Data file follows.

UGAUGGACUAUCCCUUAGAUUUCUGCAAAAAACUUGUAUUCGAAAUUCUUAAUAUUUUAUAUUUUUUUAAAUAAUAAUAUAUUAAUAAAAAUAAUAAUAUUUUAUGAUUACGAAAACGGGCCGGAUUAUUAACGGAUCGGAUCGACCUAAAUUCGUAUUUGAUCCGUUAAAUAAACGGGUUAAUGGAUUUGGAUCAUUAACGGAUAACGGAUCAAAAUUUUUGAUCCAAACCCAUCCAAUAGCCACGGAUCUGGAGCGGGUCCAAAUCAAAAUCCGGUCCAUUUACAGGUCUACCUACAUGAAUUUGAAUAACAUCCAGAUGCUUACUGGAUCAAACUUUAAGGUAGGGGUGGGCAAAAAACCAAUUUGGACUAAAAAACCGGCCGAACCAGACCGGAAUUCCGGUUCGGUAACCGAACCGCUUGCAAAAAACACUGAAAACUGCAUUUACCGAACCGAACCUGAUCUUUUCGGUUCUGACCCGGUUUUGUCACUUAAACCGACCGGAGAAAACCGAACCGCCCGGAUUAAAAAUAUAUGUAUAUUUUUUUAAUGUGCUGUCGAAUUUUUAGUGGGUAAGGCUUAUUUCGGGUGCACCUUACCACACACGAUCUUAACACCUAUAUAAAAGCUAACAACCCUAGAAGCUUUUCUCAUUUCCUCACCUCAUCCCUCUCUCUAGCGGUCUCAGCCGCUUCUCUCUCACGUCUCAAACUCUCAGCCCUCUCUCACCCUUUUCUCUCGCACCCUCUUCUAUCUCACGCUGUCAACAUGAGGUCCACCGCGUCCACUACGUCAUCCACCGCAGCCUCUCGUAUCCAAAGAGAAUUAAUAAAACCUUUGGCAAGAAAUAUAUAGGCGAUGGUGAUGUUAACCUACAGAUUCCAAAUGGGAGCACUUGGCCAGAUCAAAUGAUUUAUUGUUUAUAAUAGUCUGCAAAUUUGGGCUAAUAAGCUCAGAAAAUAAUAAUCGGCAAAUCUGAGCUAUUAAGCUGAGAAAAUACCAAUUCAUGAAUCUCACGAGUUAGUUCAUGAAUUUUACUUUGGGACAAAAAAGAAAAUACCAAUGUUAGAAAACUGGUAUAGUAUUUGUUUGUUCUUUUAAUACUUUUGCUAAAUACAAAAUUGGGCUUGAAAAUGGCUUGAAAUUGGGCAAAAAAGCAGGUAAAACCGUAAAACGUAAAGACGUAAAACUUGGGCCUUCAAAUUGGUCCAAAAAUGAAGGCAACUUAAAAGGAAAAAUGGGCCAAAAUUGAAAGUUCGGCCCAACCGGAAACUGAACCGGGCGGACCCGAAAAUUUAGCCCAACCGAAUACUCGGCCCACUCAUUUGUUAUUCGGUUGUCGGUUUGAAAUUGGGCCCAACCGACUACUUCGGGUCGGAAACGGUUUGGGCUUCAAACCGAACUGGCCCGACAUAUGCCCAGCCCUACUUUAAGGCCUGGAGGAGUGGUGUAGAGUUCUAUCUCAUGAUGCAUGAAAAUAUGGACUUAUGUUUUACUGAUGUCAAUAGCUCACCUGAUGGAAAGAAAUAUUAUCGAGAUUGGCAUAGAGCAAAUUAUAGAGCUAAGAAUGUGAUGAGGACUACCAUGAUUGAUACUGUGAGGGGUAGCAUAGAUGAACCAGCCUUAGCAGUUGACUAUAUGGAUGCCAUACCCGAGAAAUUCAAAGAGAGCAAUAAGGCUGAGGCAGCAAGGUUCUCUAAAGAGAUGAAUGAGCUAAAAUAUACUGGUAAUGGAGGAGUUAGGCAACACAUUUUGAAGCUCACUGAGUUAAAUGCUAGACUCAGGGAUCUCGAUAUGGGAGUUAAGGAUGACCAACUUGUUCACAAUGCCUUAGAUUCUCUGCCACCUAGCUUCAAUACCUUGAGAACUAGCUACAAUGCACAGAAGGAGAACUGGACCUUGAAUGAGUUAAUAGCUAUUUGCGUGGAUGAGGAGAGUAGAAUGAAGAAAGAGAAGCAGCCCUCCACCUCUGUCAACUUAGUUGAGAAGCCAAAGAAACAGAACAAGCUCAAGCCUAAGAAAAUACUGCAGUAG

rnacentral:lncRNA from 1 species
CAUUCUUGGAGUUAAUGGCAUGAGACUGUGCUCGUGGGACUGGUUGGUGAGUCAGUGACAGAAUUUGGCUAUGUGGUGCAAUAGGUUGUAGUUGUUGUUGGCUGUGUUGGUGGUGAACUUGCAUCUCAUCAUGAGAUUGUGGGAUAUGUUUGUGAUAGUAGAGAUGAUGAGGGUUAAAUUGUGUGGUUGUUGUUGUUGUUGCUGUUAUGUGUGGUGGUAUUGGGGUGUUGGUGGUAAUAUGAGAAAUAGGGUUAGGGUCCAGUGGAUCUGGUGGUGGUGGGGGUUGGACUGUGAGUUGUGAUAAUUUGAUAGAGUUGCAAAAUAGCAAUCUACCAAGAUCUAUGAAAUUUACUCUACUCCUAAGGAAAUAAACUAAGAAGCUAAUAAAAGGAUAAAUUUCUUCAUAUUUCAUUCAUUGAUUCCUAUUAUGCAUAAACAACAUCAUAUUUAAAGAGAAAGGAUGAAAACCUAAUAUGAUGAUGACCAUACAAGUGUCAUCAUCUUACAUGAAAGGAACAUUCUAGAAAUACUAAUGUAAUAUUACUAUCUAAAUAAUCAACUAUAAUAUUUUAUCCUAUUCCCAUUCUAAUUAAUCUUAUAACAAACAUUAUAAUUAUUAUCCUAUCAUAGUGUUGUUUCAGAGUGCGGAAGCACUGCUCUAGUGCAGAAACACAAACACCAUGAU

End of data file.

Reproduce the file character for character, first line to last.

UGAUGGACUAUCCCUUAGAUUUCUGCAAAAAACUUGUAUUCGAAAUUCUUAAUAUUUUAUAUUUUUUUAAAUAAUAAUAUAUUAAUAAAAAUAAUAAUAUUUUAUGAUUACGAAAACGGGCCGGAUUAUUAACGGAUCGGAUCGACCUAAAUUCGUAUUUGAUCCGUUAAAUAAACGGGUUAAUGGAUUUGGAUCAUUAACGGAUAACGGAUCAAAAUUUUUGAUCCAAACCCAUCCAAUAGCCACGGAUCUGGAGCGGGUCCAAAUCAAAAUCCGGUCCAUUUACAGGUCUACCUACAUGAAUUUGAAUAACAUCCAGAUGCUUACUGGAUCAAACUUUAAGGUAGGGGUGGGCAAAAAACCAAUUUGGACUAAAAAACCGGCCGAACCAGACCGGAAUUCCGGUUCGGUAACCGAACCGCUUGCAAAAAACACUGAAAACUGCAUUUACCGAACCGAACCUGAUCUUUUCGGUUCUGACCCGGUUUUGUCACUUAAACCGACCGGAGAAAACCGAACCGCCCGGAUUAAAAAUAUAUGUAUAUUUUUUUAAUGUGCUGUCGAAUUUUUAGUGGGUAAGGCUUAUUUCGGGUGCACCUUACCACACACGAUCUUAACACCUAUAUAAAAGCUAACAACCCUAGAAGCUUUUCUCAUUUCCUCACCUCAUCCCUCUCUCUAGCGGUCUCAGCCGCUUCUCUCUCACGUCUCAAACUCUCAGCCCUCUCUCACCCUUUUCUCUCGCACCCUCUUCUAUCUCACGCUGUCAACAUGAGGUCCACCGCGUCCACUACGUCAUCCACCGCAGCCUCUCGUAUCCAAAGAGAAUUAAUAAAACCUUUGGCAAGAAAUAUAUAGGCGAUGGUGAUGUUAACCUACAGAUUCCAAAUGGGAGCACUUGGCCAGAUCAAAUGAUUUAUUGUUUAUAAUAGUCUGCAAAUUUGGGCUAAUAAGCUCAGAAAAUAAUAAUCGGCAAAUCUGAGCUAUUAAGCUGAGAAAAUACCAAUUCAUGAAUCUCACGAGUUAGUUCAUGAAUUUUACUUUGGGACAAAAAAGAAAAUACCAAUGUUAGAAAACUGGUAUAGUAUUUGUUUGUUCUUUUAAUACUUUUGCUAAAUACAAAAUUGGGCUUGAAAAUGGCUUGAAAUUGGGCAAAAAAGCAGGUAAAACCGUAAAACGUAAAGACGUAAAACUUGGGCCUUCAAAUUGGUCCAAAAAUGAAGGCAACUUAAAAGGAAAAAUGGGCCAAAAUUGAAAGUUCGGCCCAACCGGAAACUGAACCGGGCGGACCCGAAAAUUUAGCCCAACCGAAUACUCGGCCCACUCAUUUGUUAUUCGGUUGUCGGUUUGAAAUUGGGCCCAACCGACUACUUCGGGUCGGAAACGGUUUGGGCUUCAAACCGAACUGGCCCGACAUAUGCCCAGCCCUACUUUAAGGCCUGGAGGAGUGGUGUAGAGUUCUAUCUCAUGAUGCAUGAAAAUAUGGACUUAUGUUUUACUGAUGUCAAUAGCUCACCUGAUGGAAAGAAAUAUUAUCGAGAUUGGCAUAGAGCAAAUUAUAGAGCUAAGAAUGUGAUGAGGACUACCAUGAUUGAUACUGUGAGGGGUAGCAUAGAUGAACCAGCCUUAGCAGUUGACUAUAUGGAUGCCAUACCCGAGAAAUUCAAAGAGAGCAAUAAGGCUGAGGCAGCAAGGUUCUCUAAAGAGAUGAAUGAGCUAAAAUAUACUGGUAAUGGAGGAGUUAGGCAACACAUUUUGAAGCUCACUGAGUUAAAUGCUAGACUCAGGGAUCUCGAUAUGGGAGUUAAGGAUGACCAACUUGUUCACAAUGCCUUAGAUUCUCUGCCACCUAGCUUCAAUACCUUGAGAACUAGCUACAAUGCACAGAAGGAGAACUGGACCUUGAAUGAGUUAAUAGCUAUUUGCGUGGAUGAGGAGAGUAGAAUGAAGAAAGAGAAGCAGCCCUCCACCUCUGUCAACUUAGUUGAGAAGCCAAAGAAACAGAACAAGCUCAAGCCUAAGAAAAUACUGCAGUAG

rnacentral:lncRNA from 1 species
CAUUCUUGGAGUUAAUGGCAUGAGACUGUGCUCGUGGGACUGGUUGGUGAGUCAGUGACAGAAUUUGGCUAUGUGGUGCAAUAGGUUGUAGUUGUUGUUGGCUGUGUUGGUGGUGAACUUGCAUCUCAUCAUGAGAUUGUGGGAUAUGUUUGUGAUAGUAGAGAUGAUGAGGGUUAAAUUGUGUGGUUGUUGUUGUUGUUGCUGUUAUGUGUGGUGGUAUUGGGGUGUUGGUGGUAAUAUGAGAAAUAGGGUUAGGGUCCAGUGGAUCUGGUGGUGGUGGGGGUUGGACUGUGAGUUGUGAUAAUUUGAUAGAGUUGCAAAAUAGCAAUCUACCAAGAUCUAUGAAAUUUACUCUACUCCUAAGGAAAUAAACUAAGAAGCUAAUAAAAGGAUAAAUUUCUUCAUAUUUCAUUCAUUGAUUCCUAUUAUGCAUAAACAACAUCAUAUUUAAAGAGAAAGGAUGAAAACCUAAUAUGAUGAUGACCAUACAAGUGUCAUCAUCUUACAUGAAAGGAACAUUCUAGAAAUACUAAUGUAAUAUUACUAUCUAAAUAAUCAACUAUAAUAUUUUAUCCUAUUCCCAUUCUAAUUAAUCUUAUAACAAACAUUAUAAUUAUUAUCCUAUCAUAGUGUUGUUUCAGAGUGCGGAAGCACUGCUCUAGUGCAGAAACACAAACACCAUGAU